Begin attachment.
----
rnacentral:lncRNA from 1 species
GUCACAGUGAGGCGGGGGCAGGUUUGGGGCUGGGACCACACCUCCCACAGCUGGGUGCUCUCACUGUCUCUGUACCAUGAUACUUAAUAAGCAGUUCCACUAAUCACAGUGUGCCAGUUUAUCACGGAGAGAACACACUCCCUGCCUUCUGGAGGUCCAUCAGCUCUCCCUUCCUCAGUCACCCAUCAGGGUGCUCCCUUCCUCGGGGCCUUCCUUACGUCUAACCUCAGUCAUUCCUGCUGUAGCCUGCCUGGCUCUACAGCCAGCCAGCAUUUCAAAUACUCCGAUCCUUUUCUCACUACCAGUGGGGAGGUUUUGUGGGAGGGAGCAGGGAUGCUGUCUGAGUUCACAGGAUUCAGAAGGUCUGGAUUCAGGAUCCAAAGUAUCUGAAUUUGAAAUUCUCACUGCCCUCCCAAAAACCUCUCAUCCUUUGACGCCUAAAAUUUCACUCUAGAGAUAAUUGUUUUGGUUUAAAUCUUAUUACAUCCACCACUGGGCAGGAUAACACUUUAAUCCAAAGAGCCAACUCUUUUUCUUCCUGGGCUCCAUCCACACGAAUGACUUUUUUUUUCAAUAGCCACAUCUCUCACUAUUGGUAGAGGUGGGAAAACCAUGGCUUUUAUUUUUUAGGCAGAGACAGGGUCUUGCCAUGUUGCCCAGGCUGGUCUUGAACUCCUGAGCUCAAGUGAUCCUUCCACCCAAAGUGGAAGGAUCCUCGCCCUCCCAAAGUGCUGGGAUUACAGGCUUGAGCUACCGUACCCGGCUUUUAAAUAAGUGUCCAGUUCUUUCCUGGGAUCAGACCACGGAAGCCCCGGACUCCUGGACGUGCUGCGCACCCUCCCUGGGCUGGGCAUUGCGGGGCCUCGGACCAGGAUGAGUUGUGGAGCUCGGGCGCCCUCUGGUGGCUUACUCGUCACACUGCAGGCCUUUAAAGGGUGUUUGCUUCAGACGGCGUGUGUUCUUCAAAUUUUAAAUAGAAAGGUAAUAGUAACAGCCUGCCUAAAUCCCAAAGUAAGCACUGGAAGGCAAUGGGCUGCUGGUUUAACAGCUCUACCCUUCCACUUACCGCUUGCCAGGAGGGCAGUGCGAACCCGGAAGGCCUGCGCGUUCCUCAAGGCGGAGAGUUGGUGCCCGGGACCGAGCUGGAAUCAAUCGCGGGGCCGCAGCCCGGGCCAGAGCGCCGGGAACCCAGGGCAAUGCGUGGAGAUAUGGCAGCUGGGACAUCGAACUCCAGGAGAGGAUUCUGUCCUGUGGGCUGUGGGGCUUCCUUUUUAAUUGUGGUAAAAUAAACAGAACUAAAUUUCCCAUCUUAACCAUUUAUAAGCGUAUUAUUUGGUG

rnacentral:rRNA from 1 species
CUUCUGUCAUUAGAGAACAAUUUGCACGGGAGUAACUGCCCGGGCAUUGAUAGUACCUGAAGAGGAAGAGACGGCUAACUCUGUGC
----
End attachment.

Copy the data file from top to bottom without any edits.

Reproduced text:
rnacentral:lncRNA from 1 species
GUCACAGUGAGGCGGGGGCAGGUUUGGGGCUGGGACCACACCUCCCACAGCUGGGUGCUCUCACUGUCUCUGUACCAUGAUACUUAAUAAGCAGUUCCACUAAUCACAGUGUGCCAGUUUAUCACGGAGAGAACACACUCCCUGCCUUCUGGAGGUCCAUCAGCUCUCCCUUCCUCAGUCACCCAUCAGGGUGCUCCCUUCCUCGGGGCCUUCCUUACGUCUAACCUCAGUCAUUCCUGCUGUAGCCUGCCUGGCUCUACAGCCAGCCAGCAUUUCAAAUACUCCGAUCCUUUUCUCACUACCAGUGGGGAGGUUUUGUGGGAGGGAGCAGGGAUGCUGUCUGAGUUCACAGGAUUCAGAAGGUCUGGAUUCAGGAUCCAAAGUAUCUGAAUUUGAAAUUCUCACUGCCCUCCCAAAAACCUCUCAUCCUUUGACGCCUAAAAUUUCACUCUAGAGAUAAUUGUUUUGGUUUAAAUCUUAUUACAUCCACCACUGGGCAGGAUAACACUUUAAUCCAAAGAGCCAACUCUUUUUCUUCCUGGGCUCCAUCCACACGAAUGACUUUUUUUUUCAAUAGCCACAUCUCUCACUAUUGGUAGAGGUGGGAAAACCAUGGCUUUUAUUUUUUAGGCAGAGACAGGGUCUUGCCAUGUUGCCCAGGCUGGUCUUGAACUCCUGAGCUCAAGUGAUCCUUCCACCCAAAGUGGAAGGAUCCUCGCCCUCCCAAAGUGCUGGGAUUACAGGCUUGAGCUACCGUACCCGGCUUUUAAAUAAGUGUCCAGUUCUUUCCUGGGAUCAGACCACGGAAGCCCCGGACUCCUGGACGUGCUGCGCACCCUCCCUGGGCUGGGCAUUGCGGGGCCUCGGACCAGGAUGAGUUGUGGAGCUCGGGCGCCCUCUGGUGGCUUACUCGUCACACUGCAGGCCUUUAAAGGGUGUUUGCUUCAGACGGCGUGUGUUCUUCAAAUUUUAAAUAGAAAGGUAAUAGUAACAGCCUGCCUAAAUCCCAAAGUAAGCACUGGAAGGCAAUGGGCUGCUGGUUUAACAGCUCUACCCUUCCACUUACCGCUUGCCAGGAGGGCAGUGCGAACCCGGAAGGCCUGCGCGUUCCUCAAGGCGGAGAGUUGGUGCCCGGGACCGAGCUGGAAUCAAUCGCGGGGCCGCAGCCCGGGCCAGAGCGCCGGGAACCCAGGGCAAUGCGUGGAGAUAUGGCAGCUGGGACAUCGAACUCCAGGAGAGGAUUCUGUCCUGUGGGCUGUGGGGCUUCCUUUUUAAUUGUGGUAAAAUAAACAGAACUAAAUUUCCCAUCUUAACCAUUUAUAAGCGUAUUAUUUGGUG

rnacentral:rRNA from 1 species
CUUCUGUCAUUAGAGAACAAUUUGCACGGGAGUAACUGCCCGGGCAUUGAUAGUACCUGAAGAGGAAGAGACGGCUAACUCUGUGC